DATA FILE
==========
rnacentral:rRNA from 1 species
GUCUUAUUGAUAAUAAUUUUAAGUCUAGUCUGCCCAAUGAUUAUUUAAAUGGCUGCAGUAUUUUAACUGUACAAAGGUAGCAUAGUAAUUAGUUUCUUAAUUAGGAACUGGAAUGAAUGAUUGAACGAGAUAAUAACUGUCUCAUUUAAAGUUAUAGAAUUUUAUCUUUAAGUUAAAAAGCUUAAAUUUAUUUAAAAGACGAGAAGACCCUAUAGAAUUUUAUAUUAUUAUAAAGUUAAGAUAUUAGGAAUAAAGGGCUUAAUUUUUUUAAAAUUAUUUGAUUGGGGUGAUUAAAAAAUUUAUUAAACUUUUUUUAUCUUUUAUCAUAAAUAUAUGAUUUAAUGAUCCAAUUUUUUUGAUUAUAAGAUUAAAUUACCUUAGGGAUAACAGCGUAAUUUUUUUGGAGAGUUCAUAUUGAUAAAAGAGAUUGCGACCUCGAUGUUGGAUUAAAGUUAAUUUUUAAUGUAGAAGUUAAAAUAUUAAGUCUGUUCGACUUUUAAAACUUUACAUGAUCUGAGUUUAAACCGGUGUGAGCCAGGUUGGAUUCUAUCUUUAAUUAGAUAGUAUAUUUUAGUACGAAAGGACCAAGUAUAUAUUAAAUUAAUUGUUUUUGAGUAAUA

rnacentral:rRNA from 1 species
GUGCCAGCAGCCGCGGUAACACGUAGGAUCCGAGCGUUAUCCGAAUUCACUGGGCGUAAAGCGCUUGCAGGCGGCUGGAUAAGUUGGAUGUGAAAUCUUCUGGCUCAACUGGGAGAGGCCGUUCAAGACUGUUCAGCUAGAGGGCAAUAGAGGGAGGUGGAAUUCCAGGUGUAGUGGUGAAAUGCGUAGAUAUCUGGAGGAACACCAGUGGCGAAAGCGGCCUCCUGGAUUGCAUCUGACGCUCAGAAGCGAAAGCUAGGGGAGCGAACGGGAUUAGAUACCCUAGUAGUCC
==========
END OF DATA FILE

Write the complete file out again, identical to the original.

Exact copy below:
rnacentral:rRNA from 1 species
GUCUUAUUGAUAAUAAUUUUAAGUCUAGUCUGCCCAAUGAUUAUUUAAAUGGCUGCAGUAUUUUAACUGUACAAAGGUAGCAUAGUAAUUAGUUUCUUAAUUAGGAACUGGAAUGAAUGAUUGAACGAGAUAAUAACUGUCUCAUUUAAAGUUAUAGAAUUUUAUCUUUAAGUUAAAAAGCUUAAAUUUAUUUAAAAGACGAGAAGACCCUAUAGAAUUUUAUAUUAUUAUAAAGUUAAGAUAUUAGGAAUAAAGGGCUUAAUUUUUUUAAAAUUAUUUGAUUGGGGUGAUUAAAAAAUUUAUUAAACUUUUUUUAUCUUUUAUCAUAAAUAUAUGAUUUAAUGAUCCAAUUUUUUUGAUUAUAAGAUUAAAUUACCUUAGGGAUAACAGCGUAAUUUUUUUGGAGAGUUCAUAUUGAUAAAAGAGAUUGCGACCUCGAUGUUGGAUUAAAGUUAAUUUUUAAUGUAGAAGUUAAAAUAUUAAGUCUGUUCGACUUUUAAAACUUUACAUGAUCUGAGUUUAAACCGGUGUGAGCCAGGUUGGAUUCUAUCUUUAAUUAGAUAGUAUAUUUUAGUACGAAAGGACCAAGUAUAUAUUAAAUUAAUUGUUUUUGAGUAAUA

rnacentral:rRNA from 1 species
GUGCCAGCAGCCGCGGUAACACGUAGGAUCCGAGCGUUAUCCGAAUUCACUGGGCGUAAAGCGCUUGCAGGCGGCUGGAUAAGUUGGAUGUGAAAUCUUCUGGCUCAACUGGGAGAGGCCGUUCAAGACUGUUCAGCUAGAGGGCAAUAGAGGGAGGUGGAAUUCCAGGUGUAGUGGUGAAAUGCGUAGAUAUCUGGAGGAACACCAGUGGCGAAAGCGGCCUCCUGGAUUGCAUCUGACGCUCAGAAGCGAAAGCUAGGGGAGCGAACGGGAUUAGAUACCCUAGUAGUCC